This week I want to rant. One rant that I may as well get out the way now as not to torture you with it in the future.
The Stigma of Bass Guitar.
For so long in the modern age within pop and rock music the bass has been given a bad press. The main view is that it is an easier version of a guitar. Unfortunately, this is the job and role that has been reluctantly forced upon the bass. For those of a musical nature will understand what I am about to say, but when guitar plays a chord the bass player is expected to play the root note and follow the rhythm of the guitar and to not stray from this.
The bass (not the bass guitar) in “modern” music such as jazz, rock’n’roll, folk, rockabilly was usually played and controlled by a double bass. A large and imposing instrument which was respected in its day as a difficult instrument to play well both musically and physically. Its role to create a solid rhythmic melody to help create a flow between chords. Rather than the static solid ‘dum dum dum’ of the bass AND guitar today.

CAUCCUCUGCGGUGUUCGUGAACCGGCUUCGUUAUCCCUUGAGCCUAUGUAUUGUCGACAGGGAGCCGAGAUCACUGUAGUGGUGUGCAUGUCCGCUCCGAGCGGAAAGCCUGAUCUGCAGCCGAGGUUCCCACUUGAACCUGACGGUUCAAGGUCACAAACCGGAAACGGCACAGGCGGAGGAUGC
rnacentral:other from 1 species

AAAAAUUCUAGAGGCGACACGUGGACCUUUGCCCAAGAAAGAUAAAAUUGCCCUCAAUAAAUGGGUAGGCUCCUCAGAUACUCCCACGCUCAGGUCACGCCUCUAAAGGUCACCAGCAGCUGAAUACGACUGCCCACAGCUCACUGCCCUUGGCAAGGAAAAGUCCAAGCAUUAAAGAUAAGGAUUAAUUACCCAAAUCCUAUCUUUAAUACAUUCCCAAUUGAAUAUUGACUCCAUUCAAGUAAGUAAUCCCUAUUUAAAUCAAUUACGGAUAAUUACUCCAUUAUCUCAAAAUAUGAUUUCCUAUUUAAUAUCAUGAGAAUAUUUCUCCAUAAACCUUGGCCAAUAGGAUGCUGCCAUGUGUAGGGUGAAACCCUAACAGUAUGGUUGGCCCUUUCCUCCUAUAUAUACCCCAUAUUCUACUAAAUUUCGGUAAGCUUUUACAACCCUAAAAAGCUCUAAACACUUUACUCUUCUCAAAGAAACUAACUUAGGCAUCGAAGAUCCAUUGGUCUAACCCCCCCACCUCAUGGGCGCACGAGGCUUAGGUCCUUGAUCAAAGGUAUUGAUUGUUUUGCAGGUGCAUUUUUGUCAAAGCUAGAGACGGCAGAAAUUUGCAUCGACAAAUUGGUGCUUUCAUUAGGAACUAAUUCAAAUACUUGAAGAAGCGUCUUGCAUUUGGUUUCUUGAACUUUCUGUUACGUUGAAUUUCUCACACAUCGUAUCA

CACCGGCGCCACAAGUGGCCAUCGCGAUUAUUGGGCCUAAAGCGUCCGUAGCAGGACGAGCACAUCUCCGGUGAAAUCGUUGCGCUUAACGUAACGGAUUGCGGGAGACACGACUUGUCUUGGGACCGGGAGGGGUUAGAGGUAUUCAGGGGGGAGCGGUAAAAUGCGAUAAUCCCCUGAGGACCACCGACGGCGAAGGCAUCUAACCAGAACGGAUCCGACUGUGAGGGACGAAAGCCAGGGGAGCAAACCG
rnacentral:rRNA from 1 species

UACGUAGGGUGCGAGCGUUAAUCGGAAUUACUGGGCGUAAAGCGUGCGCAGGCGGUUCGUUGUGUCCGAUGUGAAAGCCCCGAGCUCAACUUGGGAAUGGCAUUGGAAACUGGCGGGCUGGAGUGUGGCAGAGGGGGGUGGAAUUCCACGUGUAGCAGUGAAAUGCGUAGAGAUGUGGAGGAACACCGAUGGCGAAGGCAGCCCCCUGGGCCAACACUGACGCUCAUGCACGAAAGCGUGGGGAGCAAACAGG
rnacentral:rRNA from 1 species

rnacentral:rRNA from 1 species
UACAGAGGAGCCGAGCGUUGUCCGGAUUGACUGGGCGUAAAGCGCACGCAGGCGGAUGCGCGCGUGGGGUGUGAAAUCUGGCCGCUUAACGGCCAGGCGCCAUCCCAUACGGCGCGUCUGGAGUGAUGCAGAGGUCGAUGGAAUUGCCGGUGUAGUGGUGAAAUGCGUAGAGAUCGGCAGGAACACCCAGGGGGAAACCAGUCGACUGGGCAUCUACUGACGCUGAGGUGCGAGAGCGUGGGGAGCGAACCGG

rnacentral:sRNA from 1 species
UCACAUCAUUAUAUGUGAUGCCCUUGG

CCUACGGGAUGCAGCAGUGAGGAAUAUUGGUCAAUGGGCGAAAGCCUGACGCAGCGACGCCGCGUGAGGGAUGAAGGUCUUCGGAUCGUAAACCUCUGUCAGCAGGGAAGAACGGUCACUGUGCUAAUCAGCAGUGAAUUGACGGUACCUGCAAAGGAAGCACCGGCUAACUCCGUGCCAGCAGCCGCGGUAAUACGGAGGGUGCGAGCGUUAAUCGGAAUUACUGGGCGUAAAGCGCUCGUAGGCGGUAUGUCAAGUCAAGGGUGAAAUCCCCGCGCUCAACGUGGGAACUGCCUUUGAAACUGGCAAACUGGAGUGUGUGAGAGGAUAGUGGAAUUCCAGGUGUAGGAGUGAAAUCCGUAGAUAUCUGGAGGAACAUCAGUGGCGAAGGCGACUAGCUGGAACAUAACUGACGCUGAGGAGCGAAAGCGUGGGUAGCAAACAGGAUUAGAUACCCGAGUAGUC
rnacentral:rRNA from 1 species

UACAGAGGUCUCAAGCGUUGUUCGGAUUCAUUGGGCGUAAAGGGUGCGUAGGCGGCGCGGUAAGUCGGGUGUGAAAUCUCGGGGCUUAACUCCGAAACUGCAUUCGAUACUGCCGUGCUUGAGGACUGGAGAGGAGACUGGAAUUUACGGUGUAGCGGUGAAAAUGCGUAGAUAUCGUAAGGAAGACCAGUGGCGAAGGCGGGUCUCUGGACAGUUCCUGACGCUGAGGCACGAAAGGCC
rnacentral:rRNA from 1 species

The bass guitar was invented to make the double bass a more practical instrument to be transported and played more comfortably on stage. Due to its striking similarity in appearance and its given name of “guitar”, it was slowly compared to its six stringed and very distant cousin. And so the Stigma of the Bass was created. To compare a guitar and a bass is like attempting to compare a nose flute to a timpani drum, two completely different instruments which have two completely different jobs and roles. They are even separated with two different musical staves (the five lines that music is written on).
All instruments from an orchestra piano to a triangle are easy to play but difficult to master.
So this week I will include 3 songs, all of which show what the bass/ bass guitar is meant to do and what they can do. I ask you to turn the bass E.Q. on your computer up and try to listen past the guitar, keys and drums, and find that melodic rhythm that you cannot really hear today with it blending in too well with the guitar.